Sepsis, one of the deadliest diseases around, has an effective treatment available through intravenous Vitamin C. Dr. Paul Marik stumbled on the treatment accidentally and decided to go forward with the cure, which was instrumental in saving the life of a patient.
Dr. Marik, inspired by a study that suggested the use of Vitamin C to mitigate sepsis, believed that there were moderate chances of success and decided to attempt the treatment.
He administered an injection of intravenous Vitamin C mixed with a corticosteroid to the ailing patient. Surprisingly, the patient responded well to the treatment and was soon on her way to recovery. The treatment was also tried on other patients successfully.
What Is Sepsis?
Sepsis is a medical anomaly caused by septicemia, which is a bacterial infection in the blood. It occurs when the immune system becomes weak and releases chemicals into the bloodstream to counter the infection. However, instead of fighting the infection, these chemicals lead to inflammation in the human body.
Bacteria of the nomenclature Staphylococcus aureus (staph), Escherichia coli (E. coli), and some strains of Streptococcus are responsible for causing sepsis.
Each year, more than one million cases of Sepsis are reported worldwide. According to the Centers for Disease Control and Prevention, more that 258,000 Americans succumb to sepsis each year. Sometimes, severe sepsis can result in septic shock, a medical emergency.
Sepsis: Symptoms And Causes
Sepsis occurs in three stages: sepsis, severe sepsis, and septic shock. Sepsis can occur when a patient is still in the hospital, recovering from a surgery or a medical procedure.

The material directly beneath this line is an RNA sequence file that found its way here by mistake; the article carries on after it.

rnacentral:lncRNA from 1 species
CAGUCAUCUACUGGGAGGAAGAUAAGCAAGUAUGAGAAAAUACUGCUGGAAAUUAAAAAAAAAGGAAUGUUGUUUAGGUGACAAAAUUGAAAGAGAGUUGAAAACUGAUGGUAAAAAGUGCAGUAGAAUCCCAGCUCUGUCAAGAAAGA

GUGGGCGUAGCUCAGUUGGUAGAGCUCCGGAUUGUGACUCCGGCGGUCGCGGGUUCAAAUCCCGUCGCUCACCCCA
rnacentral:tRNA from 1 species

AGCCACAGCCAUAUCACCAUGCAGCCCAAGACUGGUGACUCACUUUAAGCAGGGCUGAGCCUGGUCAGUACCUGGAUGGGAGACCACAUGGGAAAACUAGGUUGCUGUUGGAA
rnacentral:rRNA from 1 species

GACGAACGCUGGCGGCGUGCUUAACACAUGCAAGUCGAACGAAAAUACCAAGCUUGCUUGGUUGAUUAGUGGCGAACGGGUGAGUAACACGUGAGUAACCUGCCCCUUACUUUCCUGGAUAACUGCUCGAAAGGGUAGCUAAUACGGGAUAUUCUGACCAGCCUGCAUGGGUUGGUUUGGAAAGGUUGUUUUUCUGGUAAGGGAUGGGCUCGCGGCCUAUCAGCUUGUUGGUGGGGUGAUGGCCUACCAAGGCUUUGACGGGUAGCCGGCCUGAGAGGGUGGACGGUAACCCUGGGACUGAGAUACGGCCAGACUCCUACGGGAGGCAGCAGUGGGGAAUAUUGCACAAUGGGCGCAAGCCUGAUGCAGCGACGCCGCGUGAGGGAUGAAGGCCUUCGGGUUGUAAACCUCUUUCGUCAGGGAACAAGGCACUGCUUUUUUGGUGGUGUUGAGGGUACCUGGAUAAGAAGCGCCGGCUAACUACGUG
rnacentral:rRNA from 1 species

The symptoms of the disease include fever ranging from 101 degrees Fahrenheit to below 96.8 degrees Fahrenheit; a heart rate of over 90 beats per minute; and breathing rate of 20 breaths per minute. Pneumonia, kidney infections, abdominal infections, and bloodstream infections are extremely likely to cause sepsis.
The National Institute of General Medical Sciences reports that sepsis kills more people in the United States than prostate cancer, breast cancer, and HIV-AIDS combined.
Patients with sepsis or septic shock are best cured in the hospital. Doctors try to contain and cure the infection by keeping the body organs functioning, as well as preventing low blood pressure.
Antibiotics are administered as soon as possible and intravenous fluids are injected to maintain blood oxygen levels. Kidney dialysis or dialysis through machines may also be necessary in some cases. Surgery may also be required to eradicate damaged tissue in some treatments.
The new treatment using Vitamin C shows a lot of promise. One can only hope that this intravenous treatment successfully prevents further cases of this killer disease.